Under U.S. Law, using both invalid and unenforceable is redundant. An invalid provision of a contract is unenforceable. Likewise, and unenforceable provision of a contract is invalid. Here are the definitions of the two from Black's Law Dictionary. (10th. ed. 2014) defines them as follows:
Unenforceable Contract - An otherwise valid contract that,
because of some technical defect, cannot be fully enforced; a contract
that has some legal consequences but that may not be enforced in an
action for damages or specific performance in the face of certain
defenses, such as the statute of frauds.
Invalid Contract - An agreement that is either void or voidable.
Also, be aware that invalid and unenforceable are different than void and voidable contracts. These terms often get confused.
Again, looking to Black's Law dictionary,
Void Contract 1. A contract that is of no legal effect, so that there is really no contract in existence at all. • A contract may be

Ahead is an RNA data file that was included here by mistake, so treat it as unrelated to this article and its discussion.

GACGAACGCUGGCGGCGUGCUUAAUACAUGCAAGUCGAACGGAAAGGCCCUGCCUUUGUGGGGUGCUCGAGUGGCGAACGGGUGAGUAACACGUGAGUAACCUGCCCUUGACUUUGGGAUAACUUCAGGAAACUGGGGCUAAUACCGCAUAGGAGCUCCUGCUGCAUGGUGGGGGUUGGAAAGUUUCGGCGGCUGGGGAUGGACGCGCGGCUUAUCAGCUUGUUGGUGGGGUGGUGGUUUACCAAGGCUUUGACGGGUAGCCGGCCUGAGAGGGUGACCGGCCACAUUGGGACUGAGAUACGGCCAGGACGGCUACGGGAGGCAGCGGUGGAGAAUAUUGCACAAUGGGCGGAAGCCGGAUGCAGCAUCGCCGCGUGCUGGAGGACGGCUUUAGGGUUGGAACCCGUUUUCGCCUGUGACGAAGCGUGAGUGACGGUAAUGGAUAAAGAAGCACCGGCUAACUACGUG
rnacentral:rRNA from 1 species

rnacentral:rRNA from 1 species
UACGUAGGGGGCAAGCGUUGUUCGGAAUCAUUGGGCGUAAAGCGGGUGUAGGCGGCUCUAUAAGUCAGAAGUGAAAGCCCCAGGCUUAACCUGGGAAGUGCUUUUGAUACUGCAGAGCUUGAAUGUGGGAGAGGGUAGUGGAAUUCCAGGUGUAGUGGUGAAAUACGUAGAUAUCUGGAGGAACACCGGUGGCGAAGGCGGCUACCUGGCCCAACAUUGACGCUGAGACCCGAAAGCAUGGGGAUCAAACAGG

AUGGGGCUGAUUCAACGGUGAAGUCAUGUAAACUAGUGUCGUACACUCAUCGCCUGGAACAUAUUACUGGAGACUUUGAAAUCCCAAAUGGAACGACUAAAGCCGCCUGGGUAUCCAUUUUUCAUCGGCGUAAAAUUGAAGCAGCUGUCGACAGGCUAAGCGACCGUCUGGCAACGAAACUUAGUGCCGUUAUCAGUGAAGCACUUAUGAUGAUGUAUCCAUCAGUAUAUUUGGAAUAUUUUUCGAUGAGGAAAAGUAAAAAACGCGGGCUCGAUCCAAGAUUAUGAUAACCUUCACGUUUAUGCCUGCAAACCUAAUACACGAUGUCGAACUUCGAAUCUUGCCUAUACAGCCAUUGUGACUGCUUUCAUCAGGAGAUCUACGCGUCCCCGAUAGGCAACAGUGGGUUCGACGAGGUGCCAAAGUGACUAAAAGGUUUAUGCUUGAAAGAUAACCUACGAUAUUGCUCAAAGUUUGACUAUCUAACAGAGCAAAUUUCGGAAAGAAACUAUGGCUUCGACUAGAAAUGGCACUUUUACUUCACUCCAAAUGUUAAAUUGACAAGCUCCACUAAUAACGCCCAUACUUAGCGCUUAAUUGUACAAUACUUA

void because it is technically defective, contrary to public policy,
or illegal. — Also termed void agreement. Cf. illegal contract;
unenforceable contract; voidable contract.
Strictly speaking, a "void contract" is a contradiction in terms. Void contract describes a situation where despite the intention of the parties, no contract has been made.
Voidable Contract - A contract that can be affirmed or rejected at the option of one of the parties; a contract that is void as to the
wrongdoer but not void as to the party wronged, unless that party
elects to treat it as void. — Also termed voidable agreement.
“A voidable contract is a contract which, in its inception, is
valid and capable of producing the results of a valid contract, but
which may be ‘avoided,’ i.e. rendered void at the option of one (or
even, though rarely, of both) of the parties.” P.S. Atiyah, An
Introduction to the Law of Contract 37–38 (3d ed. 1981).
So, to summarize:
- Invalid = Unenforceable
- Unenforceable = Invalid
- Void and voidable are entirely different